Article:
more » « less
  3. BACKGROUND: With the COVID-19 pandemic, organizations embraced Work From Home (WFH). An important component of transitioning to WFH is the effect on workers, particularly related to their productivity and work experience. OBJECTIVES: The objective of this study is to examine how worker-, workspace-, and work-related factors affected productivity and time spent at a workstation on a typical WFH day during the pandemic. METHODS: An online questionnaire was designed and administered to collect the necessary information. Data from 988 respondents were included in the analyses. RESULTS: Overall perception of productivity level among workers did not change relative to their in-office productivity before the pandemic. Female, older, and high-income workers were likely to report increased productivity. Productivity was positively influenced by better mental and physical health statuses, having a teenager, increased communication with coworkers and having a dedicated room for work. Number of hours spent at a workstation increased by approximately 1.5 hours during a typical WFH day. Longer hours were reported by individuals who had school age children, owned an office desk or an adjustable chair, and had adjusted their work hours. CONCLUSION: The findings highlight key factors for employers and employees to consider for improving the WFH experience. 
    more » « less
  4. null (Ed.)
    Social media has become an effective recruitment tool for higher-waged and white-collar professionals. Yet, past studies have questioned its effectiveness for the recruitment of lower-waged workers. It is also unclear whether or how employers leverage social media in their recruitment of low-wage job seekers, and how social media could better support the needs of both stakeholders. Therefore, we conducted 15 semi-structured interviews with employers of low-wage workers in the U.S. We found that employers: use social media, primarily Facebook, to access large pools of active low-wage job seekers; and recognize indirect signals about low-wage job seekers’ commitment and job readiness. Our work suggests that there remains a visible, yet unaddressed power imbalance between low-wage workers and employers in the use of social media, which risks further destabilizing the precarious labor market.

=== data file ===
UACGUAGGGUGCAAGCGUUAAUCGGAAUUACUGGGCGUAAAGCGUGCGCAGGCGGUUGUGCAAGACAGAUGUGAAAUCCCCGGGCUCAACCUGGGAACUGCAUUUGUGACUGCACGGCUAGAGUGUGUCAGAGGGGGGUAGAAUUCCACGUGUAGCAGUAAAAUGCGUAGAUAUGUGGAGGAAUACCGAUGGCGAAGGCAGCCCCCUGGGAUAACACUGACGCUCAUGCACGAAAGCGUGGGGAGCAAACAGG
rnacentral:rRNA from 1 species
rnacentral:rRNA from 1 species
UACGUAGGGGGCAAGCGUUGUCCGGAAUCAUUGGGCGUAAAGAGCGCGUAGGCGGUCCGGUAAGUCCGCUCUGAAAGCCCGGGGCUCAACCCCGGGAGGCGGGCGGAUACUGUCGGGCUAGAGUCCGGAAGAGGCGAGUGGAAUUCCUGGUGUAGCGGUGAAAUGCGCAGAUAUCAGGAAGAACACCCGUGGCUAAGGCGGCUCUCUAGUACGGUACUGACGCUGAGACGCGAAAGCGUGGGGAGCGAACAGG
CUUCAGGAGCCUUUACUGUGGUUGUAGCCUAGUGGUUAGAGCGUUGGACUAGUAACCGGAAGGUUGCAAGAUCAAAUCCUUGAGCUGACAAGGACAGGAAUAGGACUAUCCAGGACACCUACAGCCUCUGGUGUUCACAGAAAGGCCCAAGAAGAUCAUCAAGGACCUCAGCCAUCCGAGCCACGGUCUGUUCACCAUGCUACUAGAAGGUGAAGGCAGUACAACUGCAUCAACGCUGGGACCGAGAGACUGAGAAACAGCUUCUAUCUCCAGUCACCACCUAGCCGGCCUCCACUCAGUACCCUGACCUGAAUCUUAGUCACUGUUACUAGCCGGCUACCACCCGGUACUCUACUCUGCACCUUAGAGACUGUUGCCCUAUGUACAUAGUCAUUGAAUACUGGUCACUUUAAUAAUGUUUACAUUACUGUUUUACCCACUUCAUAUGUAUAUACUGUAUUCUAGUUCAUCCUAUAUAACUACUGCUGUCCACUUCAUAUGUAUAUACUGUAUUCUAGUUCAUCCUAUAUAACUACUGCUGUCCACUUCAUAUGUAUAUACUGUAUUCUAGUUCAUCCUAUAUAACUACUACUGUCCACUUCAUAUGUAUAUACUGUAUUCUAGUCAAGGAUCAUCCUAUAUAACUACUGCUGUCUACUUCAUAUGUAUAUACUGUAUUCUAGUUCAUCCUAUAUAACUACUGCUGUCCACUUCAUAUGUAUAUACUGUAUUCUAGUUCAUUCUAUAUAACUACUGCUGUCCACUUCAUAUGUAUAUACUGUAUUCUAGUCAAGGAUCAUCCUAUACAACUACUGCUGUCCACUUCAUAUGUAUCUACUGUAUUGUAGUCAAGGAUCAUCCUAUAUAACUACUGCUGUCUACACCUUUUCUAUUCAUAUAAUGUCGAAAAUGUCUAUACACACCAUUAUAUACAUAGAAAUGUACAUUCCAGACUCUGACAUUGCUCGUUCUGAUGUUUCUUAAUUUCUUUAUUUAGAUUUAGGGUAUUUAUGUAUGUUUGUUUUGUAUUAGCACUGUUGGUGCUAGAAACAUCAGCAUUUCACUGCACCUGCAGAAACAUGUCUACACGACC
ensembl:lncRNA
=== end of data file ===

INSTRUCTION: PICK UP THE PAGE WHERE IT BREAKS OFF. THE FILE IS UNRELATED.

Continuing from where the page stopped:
more » « less
  5. null (Ed.)
    Ethics and social responsibility have frequently been identified as important areas of practice for professional engineers. Thus, measuring engineering ethics and social responsibility is critical to assessing the abilities of engineering students, understanding how those abilities change over time, and exploring the impacts of certain ethical interventions, such as coursework or participation in extracurricular activities. However, measurement of these constructs is difficult, as they are complex and multi-faceted. Much prior research has been carried out to develop and assess ethical interventions in engineering education, but the findings have been mixed, in part because of these measurement challenges. To address this variation in prior work, we have designed and carried out a five year, longitudinal, mixed-methods study to explore students’ perceptions of ethics and social responsibility. This study relies on both repeated use of quantitative measures related to ethics and repeated qualitative interviews to explore how students’ perceptions of these issues change across time, between institutions, and in response to participation in certain experiences. This paper focuses on the thematic analysis and preliminary results of the 33 pairs of interviews that were gathered from participants at three different universities in Year 1 and Year 4 of their undergraduate studies. Given the multifaceted and complex nature of ethics, measuring and assessing how students’ perceive its various aspects (e.g. those related to ethical climate, moral awareness, moral disengagement etc.) has proven challenging. Furthermore, investigating how students’ perceptions of these concepts vary over time adds another layer of complexity for analyzing our longitudinal data. For example, a student might show increased understanding in one aspect of ethics over time and consistency in another, making it difficult to identify patterns or the impacts of specific influences. Due to this large variation in student experiences and perspectives, we used single case analysis to analyze the longitudinal interviews of a single participant, Corvin. From this analysis, three themes emerged in the student's responses: a shift in his views of engineering ethics and social responsibility from idealism to pragmatism; an adjustment in how he thinks engineers should balance their responsibilities to the public and to their employers; and the characteristics he identifies for ethical engineers. This paper will be beneficial for engineering educators and researchers who are interested in measuring and developing ethical capabilities among engineering students. 
    more » « less